Experiencing a divorce is never easy. Typically, divorces involve a myriad of legal action and plenty of attorney involvement, not to mention the fees that come with divorces. Fortunately, a new divorce law is now in place to settle marital disagreements. While some divorces come with little-to-no disputes, others find themselves in the middle. In other words, a couple seeking divorce wants to come to agreements outside of the courtroom, but generally have different views on various issues involving custody and finances. That’s where collaborative divorce comes in.
On average, collaborative divorces can be completed two to three times faster than conventional litigation in a court house, and can cost 50% to 75% less than traditionally litigated divorces in court. That means you could be divorced in as little as 60 to 90 days, and you each save thousands of litigation dollars.
More About Collaborative Divorce
Collaborative divorce alleviates disagreements for couples by problem-solving rather than by trying to “win” in a court of law. In other words, couples mediate and negotiate to come to an agreement with the assistance of collaboratively trained professionals. In order for this to work, both parties need to be willing to mutually agree to diverting the case to the collaborative process . Collaborative divorce allows you to save time/money and come to an agreement that works for both parties.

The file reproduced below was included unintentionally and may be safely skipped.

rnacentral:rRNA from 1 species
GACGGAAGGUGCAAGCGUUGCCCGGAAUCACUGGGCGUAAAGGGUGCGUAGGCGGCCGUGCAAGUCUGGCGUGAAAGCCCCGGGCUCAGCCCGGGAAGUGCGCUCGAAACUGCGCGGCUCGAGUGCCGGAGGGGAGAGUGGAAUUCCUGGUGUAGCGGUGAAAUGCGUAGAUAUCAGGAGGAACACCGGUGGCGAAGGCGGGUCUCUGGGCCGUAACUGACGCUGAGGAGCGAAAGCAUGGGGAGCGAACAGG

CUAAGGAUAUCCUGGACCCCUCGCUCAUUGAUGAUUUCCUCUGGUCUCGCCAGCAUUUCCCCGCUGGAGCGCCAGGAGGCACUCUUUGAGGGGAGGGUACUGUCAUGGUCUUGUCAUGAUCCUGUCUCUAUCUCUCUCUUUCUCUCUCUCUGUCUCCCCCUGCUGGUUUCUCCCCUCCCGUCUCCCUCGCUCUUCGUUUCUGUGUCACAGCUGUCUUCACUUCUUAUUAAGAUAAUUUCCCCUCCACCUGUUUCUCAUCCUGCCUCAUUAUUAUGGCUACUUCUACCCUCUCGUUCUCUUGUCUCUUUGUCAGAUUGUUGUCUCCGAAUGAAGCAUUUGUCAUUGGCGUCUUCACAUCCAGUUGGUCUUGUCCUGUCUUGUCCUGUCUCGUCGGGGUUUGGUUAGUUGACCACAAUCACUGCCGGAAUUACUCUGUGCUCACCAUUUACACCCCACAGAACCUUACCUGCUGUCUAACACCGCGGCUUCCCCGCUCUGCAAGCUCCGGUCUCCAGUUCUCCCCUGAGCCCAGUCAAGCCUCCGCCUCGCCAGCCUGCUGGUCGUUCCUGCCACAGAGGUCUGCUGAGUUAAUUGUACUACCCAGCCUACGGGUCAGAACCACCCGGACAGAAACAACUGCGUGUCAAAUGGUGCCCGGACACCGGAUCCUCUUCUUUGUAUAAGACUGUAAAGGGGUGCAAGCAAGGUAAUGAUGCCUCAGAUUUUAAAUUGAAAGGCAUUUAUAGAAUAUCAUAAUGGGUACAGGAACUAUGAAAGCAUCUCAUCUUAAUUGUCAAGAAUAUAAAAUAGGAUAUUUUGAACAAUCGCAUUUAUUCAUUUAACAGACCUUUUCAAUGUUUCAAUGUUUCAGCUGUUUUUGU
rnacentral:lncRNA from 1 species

How The Process Works
- Each person hires an attorney, typically trained in collaborative law.
- You consult your attorney (individually) to explain your goals and what you want.
- You and your attorney set up recurring group meetings with your spouse and his/her attorney.
- If needed, third-party representatives will be invited in to help you reach an agreement. This would often include a “financial neutral” or a “communications coach” depending on the types of disagreements a couple if facing.
- On your first day of collaboration, both parties will sign a “no court” collaborative agreement, which states that if the case does not resolve 100% within collaboration, and instead diverts back to court, you’ll have to start anew with different legal representation and new third party professionals.
- Once collaboration complete, your attorneys will file your final legal papers and settlement agreement. Then, the judge signs off. You will have never seen the inside of a court room, nor will the public have access to any of your collaborative details, which remain 100% confidential.
For more information, dozens of videos and commentary about the emerging collaborative divorce process in Arizona, go to www.bestlegalchoices.com.